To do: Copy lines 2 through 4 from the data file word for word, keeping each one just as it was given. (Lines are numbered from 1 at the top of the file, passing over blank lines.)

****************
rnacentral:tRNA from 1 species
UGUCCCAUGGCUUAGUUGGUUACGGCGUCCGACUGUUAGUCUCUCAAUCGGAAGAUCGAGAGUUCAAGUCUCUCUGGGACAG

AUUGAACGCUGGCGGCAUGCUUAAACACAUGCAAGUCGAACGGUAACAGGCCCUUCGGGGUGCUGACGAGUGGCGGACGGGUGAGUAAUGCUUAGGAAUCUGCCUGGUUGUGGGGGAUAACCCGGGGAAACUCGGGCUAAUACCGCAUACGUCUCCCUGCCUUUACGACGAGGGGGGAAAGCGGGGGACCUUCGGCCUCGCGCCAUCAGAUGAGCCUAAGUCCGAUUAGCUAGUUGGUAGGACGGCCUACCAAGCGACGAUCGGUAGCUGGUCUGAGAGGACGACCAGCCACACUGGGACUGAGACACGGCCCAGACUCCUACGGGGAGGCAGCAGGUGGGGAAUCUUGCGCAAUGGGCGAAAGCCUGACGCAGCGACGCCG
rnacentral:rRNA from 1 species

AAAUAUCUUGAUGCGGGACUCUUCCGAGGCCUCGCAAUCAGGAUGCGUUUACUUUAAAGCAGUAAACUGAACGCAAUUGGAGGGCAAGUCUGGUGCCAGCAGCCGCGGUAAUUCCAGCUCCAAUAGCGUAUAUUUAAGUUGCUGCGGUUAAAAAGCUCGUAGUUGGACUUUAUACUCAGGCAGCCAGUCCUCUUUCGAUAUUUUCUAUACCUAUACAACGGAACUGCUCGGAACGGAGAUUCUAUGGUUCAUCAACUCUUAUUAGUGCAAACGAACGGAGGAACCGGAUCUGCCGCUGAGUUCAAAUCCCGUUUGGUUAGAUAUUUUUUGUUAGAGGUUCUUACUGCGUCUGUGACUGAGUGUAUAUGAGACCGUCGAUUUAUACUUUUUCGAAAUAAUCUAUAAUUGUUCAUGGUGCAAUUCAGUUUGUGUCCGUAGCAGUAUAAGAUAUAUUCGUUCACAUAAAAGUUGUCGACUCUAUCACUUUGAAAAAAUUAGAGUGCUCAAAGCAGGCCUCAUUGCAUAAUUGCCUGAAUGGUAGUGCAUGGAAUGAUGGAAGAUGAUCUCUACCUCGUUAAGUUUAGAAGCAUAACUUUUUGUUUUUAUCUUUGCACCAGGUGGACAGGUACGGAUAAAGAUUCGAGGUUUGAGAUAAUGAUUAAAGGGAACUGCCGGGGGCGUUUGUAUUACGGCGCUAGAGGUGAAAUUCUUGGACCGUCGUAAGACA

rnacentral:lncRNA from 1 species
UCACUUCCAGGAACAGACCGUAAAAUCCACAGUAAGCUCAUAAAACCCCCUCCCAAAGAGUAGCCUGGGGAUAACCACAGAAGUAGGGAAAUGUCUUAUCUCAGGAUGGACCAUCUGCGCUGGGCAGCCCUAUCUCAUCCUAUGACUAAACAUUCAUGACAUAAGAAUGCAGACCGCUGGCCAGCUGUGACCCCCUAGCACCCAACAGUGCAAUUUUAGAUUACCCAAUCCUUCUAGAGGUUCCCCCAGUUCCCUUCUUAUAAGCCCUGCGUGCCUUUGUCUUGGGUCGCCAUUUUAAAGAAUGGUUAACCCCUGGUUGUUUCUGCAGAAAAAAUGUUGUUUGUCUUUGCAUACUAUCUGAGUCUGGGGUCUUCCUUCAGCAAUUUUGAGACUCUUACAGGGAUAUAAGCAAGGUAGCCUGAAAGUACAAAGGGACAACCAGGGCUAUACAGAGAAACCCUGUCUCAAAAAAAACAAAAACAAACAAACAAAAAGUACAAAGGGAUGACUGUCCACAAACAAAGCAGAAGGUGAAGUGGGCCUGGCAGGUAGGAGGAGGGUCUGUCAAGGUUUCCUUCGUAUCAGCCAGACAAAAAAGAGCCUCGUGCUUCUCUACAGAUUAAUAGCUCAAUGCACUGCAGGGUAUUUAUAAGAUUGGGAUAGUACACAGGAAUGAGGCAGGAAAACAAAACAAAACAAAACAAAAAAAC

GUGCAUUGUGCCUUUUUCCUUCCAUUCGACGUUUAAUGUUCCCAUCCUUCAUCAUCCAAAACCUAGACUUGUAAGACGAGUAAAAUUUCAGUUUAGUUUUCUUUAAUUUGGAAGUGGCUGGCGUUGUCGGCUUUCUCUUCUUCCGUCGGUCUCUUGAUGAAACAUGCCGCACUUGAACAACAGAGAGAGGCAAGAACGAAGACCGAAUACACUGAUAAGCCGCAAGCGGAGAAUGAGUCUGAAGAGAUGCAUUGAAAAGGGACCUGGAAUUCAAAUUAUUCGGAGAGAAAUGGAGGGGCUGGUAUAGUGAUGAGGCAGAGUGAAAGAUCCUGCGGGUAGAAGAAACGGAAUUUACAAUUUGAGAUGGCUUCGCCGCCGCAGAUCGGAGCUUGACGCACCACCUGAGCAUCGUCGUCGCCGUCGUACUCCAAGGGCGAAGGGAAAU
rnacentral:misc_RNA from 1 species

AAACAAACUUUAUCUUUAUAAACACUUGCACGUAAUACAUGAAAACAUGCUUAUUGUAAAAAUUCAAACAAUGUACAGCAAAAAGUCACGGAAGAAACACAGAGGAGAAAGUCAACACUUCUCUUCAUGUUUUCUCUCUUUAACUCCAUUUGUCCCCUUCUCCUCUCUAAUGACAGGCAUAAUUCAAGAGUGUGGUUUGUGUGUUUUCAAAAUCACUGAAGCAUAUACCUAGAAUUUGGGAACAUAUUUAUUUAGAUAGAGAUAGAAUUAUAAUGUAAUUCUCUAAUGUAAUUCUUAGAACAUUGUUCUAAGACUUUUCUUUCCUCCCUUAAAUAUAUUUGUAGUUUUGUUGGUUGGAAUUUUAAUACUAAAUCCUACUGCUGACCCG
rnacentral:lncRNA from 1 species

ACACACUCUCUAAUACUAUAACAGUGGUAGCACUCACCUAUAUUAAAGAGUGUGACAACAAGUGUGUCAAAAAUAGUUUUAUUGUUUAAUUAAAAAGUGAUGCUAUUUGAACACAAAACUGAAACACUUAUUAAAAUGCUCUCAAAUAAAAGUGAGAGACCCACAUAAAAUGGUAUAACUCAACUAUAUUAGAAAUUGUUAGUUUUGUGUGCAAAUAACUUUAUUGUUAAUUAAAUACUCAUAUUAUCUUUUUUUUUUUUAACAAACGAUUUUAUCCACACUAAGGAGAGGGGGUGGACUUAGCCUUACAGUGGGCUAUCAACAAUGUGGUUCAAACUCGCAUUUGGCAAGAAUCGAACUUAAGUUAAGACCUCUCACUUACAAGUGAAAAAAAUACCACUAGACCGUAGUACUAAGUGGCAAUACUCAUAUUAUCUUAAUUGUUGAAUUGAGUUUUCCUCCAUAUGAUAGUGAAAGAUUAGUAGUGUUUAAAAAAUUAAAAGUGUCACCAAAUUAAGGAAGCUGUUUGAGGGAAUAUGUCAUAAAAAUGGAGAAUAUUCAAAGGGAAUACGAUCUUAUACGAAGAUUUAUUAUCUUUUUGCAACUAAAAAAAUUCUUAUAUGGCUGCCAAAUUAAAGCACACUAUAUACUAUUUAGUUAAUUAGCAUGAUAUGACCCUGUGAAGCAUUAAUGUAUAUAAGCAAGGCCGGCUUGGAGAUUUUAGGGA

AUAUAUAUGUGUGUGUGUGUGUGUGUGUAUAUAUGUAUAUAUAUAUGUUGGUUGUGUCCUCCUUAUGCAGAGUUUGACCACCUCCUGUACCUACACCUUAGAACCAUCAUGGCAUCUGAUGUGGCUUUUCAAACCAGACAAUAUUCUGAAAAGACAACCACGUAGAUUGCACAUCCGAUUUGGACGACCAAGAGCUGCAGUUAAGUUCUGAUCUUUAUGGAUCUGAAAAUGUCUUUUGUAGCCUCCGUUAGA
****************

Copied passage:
UGUCCCAUGGCUUAGUUGGUUACGGCGUCCGACUGUUAGUCUCUCAAUCGGAAGAUCGAGAGUUCAAGUCUCUCUGGGACAG

AUUGAACGCUGGCGGCAUGCUUAAACACAUGCAAGUCGAACGGUAACAGGCCCUUCGGGGUGCUGACGAGUGGCGGACGGGUGAGUAAUGCUUAGGAAUCUGCCUGGUUGUGGGGGAUAACCCGGGGAAACUCGGGCUAAUACCGCAUACGUCUCCCUGCCUUUACGACGAGGGGGGAAAGCGGGGGACCUUCGGCCUCGCGCCAUCAGAUGAGCCUAAGUCCGAUUAGCUAGUUGGUAGGACGGCCUACCAAGCGACGAUCGGUAGCUGGUCUGAGAGGACGACCAGCCACACUGGGACUGAGACACGGCCCAGACUCCUACGGGGAGGCAGCAGGUGGGGAAUCUUGCGCAAUGGGCGAAAGCCUGACGCAGCGACGCCG
rnacentral:rRNA from 1 species